Our Russian adventure: part 1

Baikonur Cosmodrome
Baikonur cosmodrome
28 August 2007

Well this is it: we’re in the final stages. After over five years of talking, planning, building, testing and more testing we have arrived at the Baikonur Cosmodrome for the final phase of the YES2 adventure.

By “we”, I mean Marco, our Mission Analyst and Ground Support Engineer; Fabio, the Integration Manager; Michiel, our chief systems engineer from Delta Utec and Rafal, who will be helping us check the electrical systems.

I can tell you that getting to Baikonur is not the easiest task as it’s a pretty remote place. So, this journey comes in two parts: a flight from Amsterdam to Moscow Sheremetyevo airport, then a change to Moscow Domodedovo airport, where we board the plane to Baikonur, which is in Kazakhstan.

The Amsterdam flight took about five hours. After getting through passport control, we stayed the night in a hotel, because we couldn’t have made it to Domodedovo in time for our flight. The next day after a short car ride we got to Domodedovo and boarded the plane to Baikonur.

We’re all pretty nervous about the launch, but we’ve got enough time in our schedule to (hopefully) make sure everything is right with satellite and get prepared.

Baikonur Cosmodrome
Sunset over the launch pad at Baikonur

Now, I'm happy to report that week 1 has been a pretty solid success. By the end of the week, this is what managed to do:

25/8/07-27/8/07: We made minor changes to the YES2 flight configuration in preparation for launch.

28/8/07: We completed the minor hardware and software changes to the YES2 flight configuration we made and functional tests were fully successful; YES2 is now in its flight-ready state and has been installed on top of Foton-M3 for the last time.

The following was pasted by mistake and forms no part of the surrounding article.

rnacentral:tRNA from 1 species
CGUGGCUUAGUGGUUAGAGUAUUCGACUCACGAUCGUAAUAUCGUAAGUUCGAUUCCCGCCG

29/8/07: The EGSE was connected to YES2 and Interface tests between YES2 and Foton-M3 were completed without any problems; all telecommands were received by YES2 and all YES2 telemetry was received by Foton.

30/8/07: Telemetry tests with Telesupport were completed successfully; all YES2 telemetry data was received by Telesupport system. This means that YES2 telemetry will be recorded during flight and downlinked to the Payload Operation Centre in Kiruna as alternative telemetry source.

The last word...

OK, so far, so good. We've still got a lot of prepartion to go through, but we're well on our way. As you can see life here on the launch campaign is very busy but also fun. There have been several sporting events against the Russian staff on the launch campaign, including a soccer match in Baikonur city, and a couple of volleyball matches, so we're enjoying ourselves, as well as working hard.

I'll update you with another Diary entry at the end of week 2, which should end with YES2 being primed for launch.

Thanks a lot, speak soon

Roger Walker

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